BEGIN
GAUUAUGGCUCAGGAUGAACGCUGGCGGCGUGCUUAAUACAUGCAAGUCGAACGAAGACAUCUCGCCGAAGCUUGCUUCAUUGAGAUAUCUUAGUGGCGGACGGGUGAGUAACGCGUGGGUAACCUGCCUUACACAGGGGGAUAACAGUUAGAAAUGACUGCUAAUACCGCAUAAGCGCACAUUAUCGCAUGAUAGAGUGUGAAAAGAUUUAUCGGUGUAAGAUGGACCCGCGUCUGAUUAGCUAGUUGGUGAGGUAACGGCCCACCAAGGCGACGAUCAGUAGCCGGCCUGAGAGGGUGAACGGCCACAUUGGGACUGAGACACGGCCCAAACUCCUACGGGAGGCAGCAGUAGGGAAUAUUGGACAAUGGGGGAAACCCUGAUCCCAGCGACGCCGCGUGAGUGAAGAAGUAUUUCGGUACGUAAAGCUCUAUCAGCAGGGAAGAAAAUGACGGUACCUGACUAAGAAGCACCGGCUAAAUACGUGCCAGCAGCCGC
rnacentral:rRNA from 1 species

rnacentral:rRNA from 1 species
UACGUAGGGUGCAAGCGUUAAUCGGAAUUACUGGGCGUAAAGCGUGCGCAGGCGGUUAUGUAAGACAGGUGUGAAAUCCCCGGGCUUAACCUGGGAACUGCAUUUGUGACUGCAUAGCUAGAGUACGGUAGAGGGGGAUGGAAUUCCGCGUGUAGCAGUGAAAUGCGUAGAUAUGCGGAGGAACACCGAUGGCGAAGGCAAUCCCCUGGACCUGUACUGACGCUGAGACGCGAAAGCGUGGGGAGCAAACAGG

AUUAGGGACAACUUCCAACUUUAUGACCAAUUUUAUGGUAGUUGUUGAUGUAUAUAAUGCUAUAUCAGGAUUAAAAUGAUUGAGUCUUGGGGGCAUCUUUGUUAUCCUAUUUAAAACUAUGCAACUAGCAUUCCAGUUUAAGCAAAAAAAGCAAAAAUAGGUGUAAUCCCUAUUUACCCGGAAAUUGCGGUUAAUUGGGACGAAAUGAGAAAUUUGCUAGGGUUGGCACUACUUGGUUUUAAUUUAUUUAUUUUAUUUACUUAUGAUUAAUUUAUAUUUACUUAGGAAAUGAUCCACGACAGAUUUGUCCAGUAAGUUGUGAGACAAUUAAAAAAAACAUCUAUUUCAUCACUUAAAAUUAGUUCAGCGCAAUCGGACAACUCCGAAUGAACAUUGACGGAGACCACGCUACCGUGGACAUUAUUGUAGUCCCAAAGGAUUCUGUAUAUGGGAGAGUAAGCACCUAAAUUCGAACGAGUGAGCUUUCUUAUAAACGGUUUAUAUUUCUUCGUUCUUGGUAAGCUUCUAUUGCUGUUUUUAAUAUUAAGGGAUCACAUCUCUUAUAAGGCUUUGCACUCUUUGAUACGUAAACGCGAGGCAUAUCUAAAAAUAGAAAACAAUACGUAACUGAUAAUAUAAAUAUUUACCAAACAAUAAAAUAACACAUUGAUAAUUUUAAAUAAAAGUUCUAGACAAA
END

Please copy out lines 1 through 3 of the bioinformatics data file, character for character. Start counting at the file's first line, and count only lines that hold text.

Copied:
GAUUAUGGCUCAGGAUGAACGCUGGCGGCGUGCUUAAUACAUGCAAGUCGAACGAAGACAUCUCGCCGAAGCUUGCUUCAUUGAGAUAUCUUAGUGGCGGACGGGUGAGUAACGCGUGGGUAACCUGCCUUACACAGGGGGAUAACAGUUAGAAAUGACUGCUAAUACCGCAUAAGCGCACAUUAUCGCAUGAUAGAGUGUGAAAAGAUUUAUCGGUGUAAGAUGGACCCGCGUCUGAUUAGCUAGUUGGUGAGGUAACGGCCCACCAAGGCGACGAUCAGUAGCCGGCCUGAGAGGGUGAACGGCCACAUUGGGACUGAGACACGGCCCAAACUCCUACGGGAGGCAGCAGUAGGGAAUAUUGGACAAUGGGGGAAACCCUGAUCCCAGCGACGCCGCGUGAGUGAAGAAGUAUUUCGGUACGUAAAGCUCUAUCAGCAGGGAAGAAAAUGACGGUACCUGACUAAGAAGCACCGGCUAAAUACGUGCCAGCAGCCGC
rnacentral:rRNA from 1 species

rnacentral:rRNA from 1 species